Arctic wildlife remains at risk from contaminants: new report
Mercury, PCBs remain “a significant exposure concern” for wildlife
Despite global moves to restrict the industrial production of mercury and persistent organic pollutants, levels of these chemicals remain elevated in some top predator species in the Arctic.
That’s according to a new Arctic Council report, released one day before Arctic environment ministers meet Oct. 11 and Oct. 12 in Rovaniemi, Finland.
The Arctic Monitoring and Assessment Programme report says levels of mercury, and polychlorinated biphenyls, or PCBs, remain “a significant exposure concern” for Arctic wildlife, including polar bears, killer whales, pilot whales, seals, and various seabirds, shorebirds and birds of prey.
Polar bears continue to exhibit levels of mercury that put them at “a high to severe risk for reproductive and other adverse health effects,” the report said.
And killer whales are among “the most highly PCB-contaminated species on Earth,” it said.
As well, AMAP researchers found that many different Arctic bird populations, including gulls, guillemots and murres, at various locations around the Arctic, were found to be at “a high to severe risk for health impacts” from either PCB or lead exposure.
This raises concerns for the health of these bird populations and for possible impacts on human health, they said.
The AMAP report on the biological effects of contamination on Arctic wildlife and fish follows a report from 2015, also by AMAP, which suggested that the health risks to ecosystems and humans from persistent organic pollutants—which include PCBs—had lessened in some species.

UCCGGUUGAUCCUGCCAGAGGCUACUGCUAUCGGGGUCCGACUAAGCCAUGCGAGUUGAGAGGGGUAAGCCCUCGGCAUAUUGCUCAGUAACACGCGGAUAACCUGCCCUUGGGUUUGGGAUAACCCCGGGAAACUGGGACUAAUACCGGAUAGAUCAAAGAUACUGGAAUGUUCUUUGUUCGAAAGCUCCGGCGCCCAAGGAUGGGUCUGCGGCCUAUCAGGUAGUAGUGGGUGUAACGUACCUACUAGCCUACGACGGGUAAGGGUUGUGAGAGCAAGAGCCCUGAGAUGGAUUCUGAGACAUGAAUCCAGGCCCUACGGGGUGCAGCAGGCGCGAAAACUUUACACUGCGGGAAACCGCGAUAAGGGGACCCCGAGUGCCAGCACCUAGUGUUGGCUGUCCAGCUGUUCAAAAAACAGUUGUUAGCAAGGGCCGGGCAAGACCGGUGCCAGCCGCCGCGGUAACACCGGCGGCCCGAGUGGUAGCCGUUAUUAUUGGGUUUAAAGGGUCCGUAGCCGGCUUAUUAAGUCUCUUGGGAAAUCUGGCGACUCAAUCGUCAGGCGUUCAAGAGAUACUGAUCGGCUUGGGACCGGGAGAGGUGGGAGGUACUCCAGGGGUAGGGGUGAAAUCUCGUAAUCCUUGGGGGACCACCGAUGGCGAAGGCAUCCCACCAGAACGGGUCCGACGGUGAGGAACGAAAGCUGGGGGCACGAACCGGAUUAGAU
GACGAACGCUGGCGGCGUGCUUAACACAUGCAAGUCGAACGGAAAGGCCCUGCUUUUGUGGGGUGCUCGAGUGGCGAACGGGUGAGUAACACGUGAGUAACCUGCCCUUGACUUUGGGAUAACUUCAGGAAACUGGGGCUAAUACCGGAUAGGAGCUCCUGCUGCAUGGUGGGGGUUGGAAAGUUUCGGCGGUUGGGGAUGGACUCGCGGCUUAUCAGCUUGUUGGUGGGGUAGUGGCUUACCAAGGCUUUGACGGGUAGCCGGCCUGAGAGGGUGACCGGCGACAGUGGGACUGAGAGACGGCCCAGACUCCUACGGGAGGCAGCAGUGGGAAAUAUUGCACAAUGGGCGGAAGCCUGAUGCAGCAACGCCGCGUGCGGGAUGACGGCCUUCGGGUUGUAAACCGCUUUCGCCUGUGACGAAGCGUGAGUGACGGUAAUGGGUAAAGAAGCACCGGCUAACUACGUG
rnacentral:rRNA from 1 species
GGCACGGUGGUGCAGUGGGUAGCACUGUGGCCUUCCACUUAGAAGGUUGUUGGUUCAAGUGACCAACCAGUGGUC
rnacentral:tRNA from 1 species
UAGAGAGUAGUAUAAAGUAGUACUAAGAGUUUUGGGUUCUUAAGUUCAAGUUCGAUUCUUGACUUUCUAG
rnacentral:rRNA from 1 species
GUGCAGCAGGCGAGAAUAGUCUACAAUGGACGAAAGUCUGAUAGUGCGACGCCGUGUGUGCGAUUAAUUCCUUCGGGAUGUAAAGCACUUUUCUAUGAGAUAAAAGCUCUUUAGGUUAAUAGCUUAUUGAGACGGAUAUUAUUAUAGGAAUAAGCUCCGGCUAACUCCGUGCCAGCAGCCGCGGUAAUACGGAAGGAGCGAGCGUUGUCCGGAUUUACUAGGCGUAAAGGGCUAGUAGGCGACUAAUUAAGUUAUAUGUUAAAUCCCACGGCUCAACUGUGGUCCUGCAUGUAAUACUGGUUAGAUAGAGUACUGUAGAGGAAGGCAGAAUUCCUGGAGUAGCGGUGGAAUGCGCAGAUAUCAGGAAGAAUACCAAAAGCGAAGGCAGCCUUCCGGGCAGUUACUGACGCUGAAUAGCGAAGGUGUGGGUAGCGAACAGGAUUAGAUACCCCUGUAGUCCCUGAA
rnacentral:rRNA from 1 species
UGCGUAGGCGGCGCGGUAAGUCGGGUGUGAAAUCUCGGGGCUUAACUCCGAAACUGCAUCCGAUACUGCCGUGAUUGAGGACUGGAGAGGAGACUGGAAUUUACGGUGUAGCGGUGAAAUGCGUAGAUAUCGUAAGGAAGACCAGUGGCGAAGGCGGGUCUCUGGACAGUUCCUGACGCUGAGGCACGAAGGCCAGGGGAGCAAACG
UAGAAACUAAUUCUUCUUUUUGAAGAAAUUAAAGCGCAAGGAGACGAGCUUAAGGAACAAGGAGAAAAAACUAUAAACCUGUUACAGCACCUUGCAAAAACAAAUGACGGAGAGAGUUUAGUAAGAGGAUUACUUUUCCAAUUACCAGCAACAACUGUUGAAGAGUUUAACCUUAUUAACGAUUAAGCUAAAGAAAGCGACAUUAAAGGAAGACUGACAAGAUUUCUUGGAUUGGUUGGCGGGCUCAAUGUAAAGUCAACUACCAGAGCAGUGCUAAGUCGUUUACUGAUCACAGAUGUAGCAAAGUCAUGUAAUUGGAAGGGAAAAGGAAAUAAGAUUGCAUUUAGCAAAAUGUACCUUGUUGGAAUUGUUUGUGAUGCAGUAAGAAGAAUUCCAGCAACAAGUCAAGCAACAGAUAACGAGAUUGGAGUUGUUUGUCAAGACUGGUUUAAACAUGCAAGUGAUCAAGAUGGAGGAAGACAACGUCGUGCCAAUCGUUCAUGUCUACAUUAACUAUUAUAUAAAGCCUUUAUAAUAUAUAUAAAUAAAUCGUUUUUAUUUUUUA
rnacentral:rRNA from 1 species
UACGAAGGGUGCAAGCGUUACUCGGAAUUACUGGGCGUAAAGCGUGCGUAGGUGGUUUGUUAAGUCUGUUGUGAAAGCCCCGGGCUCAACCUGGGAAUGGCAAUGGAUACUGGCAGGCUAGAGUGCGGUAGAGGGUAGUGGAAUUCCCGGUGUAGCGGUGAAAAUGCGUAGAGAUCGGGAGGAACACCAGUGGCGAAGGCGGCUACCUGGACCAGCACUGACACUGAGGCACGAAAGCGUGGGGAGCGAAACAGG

Persistent organic pollutants were subject to regulation, nationally and later internationally, under the Stockholm Convention, a landmark treaty to reduce Arctic pollutants signed in 2001 that required countries to reduce or eliminate their use of these chemicals, which cause disruptions to immune, hormone and reproductive systems.
But AMAP said today that “newly acquired information” indicated there should be continued concern about the impacts of legacy chemicals like PCBs, which were used in the past but can still be found in the environment.
As reported in AMAP’s earlier Assessment of Chemicals of Emerging Arctic Concern, there are also a number of new chemicals, such as new brominated flame retardants, which have been found in air, water and wildlife throughout the Arctic.
Previously undetected in the Arctic, these are now being found in circumpolar wildlife and fish and “may contribute to adverse effects in these organisms,” AMAP said in today’s report, which can be downloaded online.
AMAP said future research is needed to help estimate the risks to Arctic wildlife, and it suggests Indigenous knowledge holders, environmental data, and the development of new tools, such as computer models, could form a “larger, holistic picture of Arctic wildlife health.”